This week, US domestic hot rolled coil (HRC) spot prices surged as mills once more raised offer prices, which fueled buyers’ heightened suspicion following another round of mill price increases this morning.
Rising prices this week among steelmakers and competitors
The weekly domestic US HRC assessments in the Midwest and the South both increased by $50/st to $900/st on Tuesday.
After formally raising prices by $260/st through a series of hikes from the end of November through early last week, steel mills continued to be successful in securing higher flat steel spot offers. Since then, the US Midwest spot assessment has gone up by more than $270/st.
The latest round of price hikes was headed this morning by electric arc furnace (EAF) steelmaker Nucor, who raised prices by $100/st to an HRC price minimum of $1,000/st. Cleveland-Cliffs, an integrated steelmaker and competitor, quickly followed on both counts, and US Steel also announced a price rise of $100/st without a minimum.
If consumers approve the most recent price increase, the HRC market would reach $1,000/st for the first time since June 28, 2022. At that time, the US market was hampered by uncertainty regarding the supply of raw materials, which had caused steel prices to rise in March and April.
Several service center contacts were outraged by Nucor’s price announcement; one called it “crazy,” another described it as “ambitious,” and one said it “smacks the market hard.”
The majority of the offers, which ranged in price from $800/st to $940/st, were reported.
In violation of Argus’ HRC methodology, one customer reported placing late last week multiple orders for HRC totaling several thousand tons each at a price of $800/st. Another service center made a request for a few thousand tons for delivery in the second quarter and received pricing quotes between $800/st and $900/st.
These prices are between 10 and 20 pc less than the intended spot price and 13 pc less than the spot evaluation from Argus.
What is happening to the market?
US steel producers have raised prices by $200/st over the past 20 days, citing rising raw material costs and longer lead times—arguments that many customers think are exaggerated.
With March appearing to be booked and the majority of mills also looking at the first week of April, HRC lead times in the Midwest increased to 6-7 weeks from 4-8 weeks.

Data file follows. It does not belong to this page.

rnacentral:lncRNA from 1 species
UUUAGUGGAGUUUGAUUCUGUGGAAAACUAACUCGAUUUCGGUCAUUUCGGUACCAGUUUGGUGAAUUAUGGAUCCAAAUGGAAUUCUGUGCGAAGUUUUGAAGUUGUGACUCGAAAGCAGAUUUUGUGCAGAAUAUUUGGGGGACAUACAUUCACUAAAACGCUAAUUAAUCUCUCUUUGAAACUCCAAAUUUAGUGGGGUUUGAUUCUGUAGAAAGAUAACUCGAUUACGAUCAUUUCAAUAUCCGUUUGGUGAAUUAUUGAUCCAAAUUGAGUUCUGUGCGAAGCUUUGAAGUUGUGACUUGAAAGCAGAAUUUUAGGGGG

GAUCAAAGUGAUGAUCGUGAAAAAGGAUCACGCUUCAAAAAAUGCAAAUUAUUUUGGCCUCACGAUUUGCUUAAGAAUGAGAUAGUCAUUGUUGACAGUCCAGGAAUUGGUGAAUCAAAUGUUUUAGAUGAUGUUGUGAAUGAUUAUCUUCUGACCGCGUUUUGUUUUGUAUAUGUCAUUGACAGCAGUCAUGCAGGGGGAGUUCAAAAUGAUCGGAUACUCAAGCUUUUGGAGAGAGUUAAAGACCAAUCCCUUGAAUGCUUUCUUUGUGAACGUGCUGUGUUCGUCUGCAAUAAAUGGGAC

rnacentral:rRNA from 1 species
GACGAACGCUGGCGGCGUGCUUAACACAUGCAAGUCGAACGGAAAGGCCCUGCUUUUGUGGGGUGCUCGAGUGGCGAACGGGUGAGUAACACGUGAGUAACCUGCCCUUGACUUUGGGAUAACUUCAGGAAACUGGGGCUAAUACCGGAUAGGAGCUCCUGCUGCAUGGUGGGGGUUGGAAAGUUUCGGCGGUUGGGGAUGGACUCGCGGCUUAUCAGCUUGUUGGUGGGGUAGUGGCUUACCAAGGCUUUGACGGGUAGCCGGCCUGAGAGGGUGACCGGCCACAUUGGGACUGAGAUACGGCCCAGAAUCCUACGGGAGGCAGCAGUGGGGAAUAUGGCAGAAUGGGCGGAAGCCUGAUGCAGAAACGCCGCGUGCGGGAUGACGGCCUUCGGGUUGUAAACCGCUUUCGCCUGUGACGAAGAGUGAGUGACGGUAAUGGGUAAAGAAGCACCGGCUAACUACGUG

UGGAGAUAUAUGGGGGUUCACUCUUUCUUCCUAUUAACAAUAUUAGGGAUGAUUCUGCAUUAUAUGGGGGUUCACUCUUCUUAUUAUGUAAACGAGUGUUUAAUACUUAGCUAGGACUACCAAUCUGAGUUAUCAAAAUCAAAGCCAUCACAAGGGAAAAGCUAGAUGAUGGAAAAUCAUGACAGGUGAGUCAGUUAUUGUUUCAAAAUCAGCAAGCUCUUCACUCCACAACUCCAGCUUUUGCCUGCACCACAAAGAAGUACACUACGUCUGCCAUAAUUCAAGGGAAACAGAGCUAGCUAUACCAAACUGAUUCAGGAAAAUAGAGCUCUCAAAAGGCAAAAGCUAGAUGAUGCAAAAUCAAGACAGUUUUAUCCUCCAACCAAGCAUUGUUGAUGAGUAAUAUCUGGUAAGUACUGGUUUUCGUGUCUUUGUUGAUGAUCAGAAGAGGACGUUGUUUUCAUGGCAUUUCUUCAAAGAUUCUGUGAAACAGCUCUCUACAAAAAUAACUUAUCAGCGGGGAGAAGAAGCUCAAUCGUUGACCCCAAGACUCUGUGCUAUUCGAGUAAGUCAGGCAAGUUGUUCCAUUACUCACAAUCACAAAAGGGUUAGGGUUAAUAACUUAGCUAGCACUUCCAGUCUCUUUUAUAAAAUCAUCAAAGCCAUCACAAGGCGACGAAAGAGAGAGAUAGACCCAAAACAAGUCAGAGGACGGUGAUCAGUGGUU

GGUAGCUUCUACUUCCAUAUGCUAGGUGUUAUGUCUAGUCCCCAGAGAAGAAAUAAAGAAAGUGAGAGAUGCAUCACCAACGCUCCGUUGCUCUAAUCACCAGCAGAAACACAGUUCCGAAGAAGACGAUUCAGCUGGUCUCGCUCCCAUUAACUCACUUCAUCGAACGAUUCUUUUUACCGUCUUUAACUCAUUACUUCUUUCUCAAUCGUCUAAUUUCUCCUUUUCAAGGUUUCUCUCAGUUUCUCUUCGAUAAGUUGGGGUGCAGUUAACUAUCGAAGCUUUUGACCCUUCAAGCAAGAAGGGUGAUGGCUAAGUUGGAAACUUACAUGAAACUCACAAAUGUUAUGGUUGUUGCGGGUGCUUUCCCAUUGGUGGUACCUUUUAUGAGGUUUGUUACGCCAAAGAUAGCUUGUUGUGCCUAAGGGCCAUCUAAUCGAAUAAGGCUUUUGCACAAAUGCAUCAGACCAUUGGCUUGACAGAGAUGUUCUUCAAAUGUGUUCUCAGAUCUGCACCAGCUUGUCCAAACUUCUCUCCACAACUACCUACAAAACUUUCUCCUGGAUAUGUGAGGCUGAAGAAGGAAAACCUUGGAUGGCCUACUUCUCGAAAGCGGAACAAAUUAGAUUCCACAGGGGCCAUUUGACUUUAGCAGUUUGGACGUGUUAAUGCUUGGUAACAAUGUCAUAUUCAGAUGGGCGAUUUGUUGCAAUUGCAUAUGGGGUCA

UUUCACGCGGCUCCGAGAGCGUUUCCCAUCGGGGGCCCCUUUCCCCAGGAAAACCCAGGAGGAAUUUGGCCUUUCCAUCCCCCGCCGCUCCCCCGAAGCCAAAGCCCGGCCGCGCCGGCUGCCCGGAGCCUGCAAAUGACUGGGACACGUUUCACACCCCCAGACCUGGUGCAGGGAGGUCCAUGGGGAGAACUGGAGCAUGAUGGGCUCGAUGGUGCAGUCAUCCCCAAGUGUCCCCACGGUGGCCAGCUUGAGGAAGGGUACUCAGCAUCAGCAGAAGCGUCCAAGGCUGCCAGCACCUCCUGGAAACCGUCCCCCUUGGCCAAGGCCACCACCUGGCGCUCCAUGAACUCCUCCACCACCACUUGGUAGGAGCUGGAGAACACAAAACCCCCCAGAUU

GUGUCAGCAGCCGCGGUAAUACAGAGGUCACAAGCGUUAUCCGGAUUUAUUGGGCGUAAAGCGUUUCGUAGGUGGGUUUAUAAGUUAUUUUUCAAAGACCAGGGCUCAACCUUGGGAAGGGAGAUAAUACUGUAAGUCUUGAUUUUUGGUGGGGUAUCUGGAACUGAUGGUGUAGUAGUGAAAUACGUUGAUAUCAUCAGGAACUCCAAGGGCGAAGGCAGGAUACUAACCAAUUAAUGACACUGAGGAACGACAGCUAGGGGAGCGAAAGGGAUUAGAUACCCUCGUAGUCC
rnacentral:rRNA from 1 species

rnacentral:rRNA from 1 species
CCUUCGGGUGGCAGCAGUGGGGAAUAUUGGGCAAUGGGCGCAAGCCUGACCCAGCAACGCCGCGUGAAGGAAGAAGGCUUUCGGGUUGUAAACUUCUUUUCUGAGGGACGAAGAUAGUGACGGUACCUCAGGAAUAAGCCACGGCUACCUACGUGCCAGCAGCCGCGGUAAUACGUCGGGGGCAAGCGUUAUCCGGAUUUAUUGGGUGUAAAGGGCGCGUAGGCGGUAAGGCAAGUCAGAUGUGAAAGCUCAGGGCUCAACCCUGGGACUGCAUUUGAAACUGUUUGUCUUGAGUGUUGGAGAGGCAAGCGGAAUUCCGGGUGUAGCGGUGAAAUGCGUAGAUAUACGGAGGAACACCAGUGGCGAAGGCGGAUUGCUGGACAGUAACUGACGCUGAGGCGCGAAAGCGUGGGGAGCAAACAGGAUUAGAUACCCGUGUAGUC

The assessment for Argus iron ore fines 62pc Fe cfr Qingdao reached $132 per dry metric ton on Tuesday, which is the highest amount since June 2022.
The spread between #1 busheling scrap shipped to US Midwest mills and HRC grew by 11% from the previous week to $500/st, which is the widest spread since June 2022, when HRC prices were falling after a price rise brought on by a dispute.
Prior to the European conflict, the spread was at its lowest point, $583/st, a year ago.
The equivalent of $45-81/st would be the contract discounts of 5–9pc to the existing HRC evaluation.
According to reported pricing coming out of Mexico, the Argus HRC import assessment into Houston decreased by $20/st. High lead times from non-North American nations and high pricing still prevent imports for the time being.
As the tightest market, cold-rolled coil (CRC) assessments in the Argus weekly domestic US report increased by $60/st to $1,060/st, while hot-dipped galvanized (HDG) coil assessments increased by $20/st to $1,020/st.
Lead times for CRC increased slightly, going from 8 to 9 weeks, while lead times for HDG increased little, going from 6 to 8 weeks to 7-8 weeks.
At what prices is HRC trading?
A month earlier than last week, the CME HRC Midwest futures market was up again last week, pushing up by double digits across the board but going into backwardation from June onward, showing that there is little expectation that this surge will continue into the second half of the year.
Prices for April increased by $30/st to $905/st, while prices for May increased by $36/st to $906/st. Prices increased by $36/st in June to $886/st, and by $20/st in July to $860/st. Prices for September grew by $17/st to $839/st whereas August prices jumped by $14/st to $844/st.
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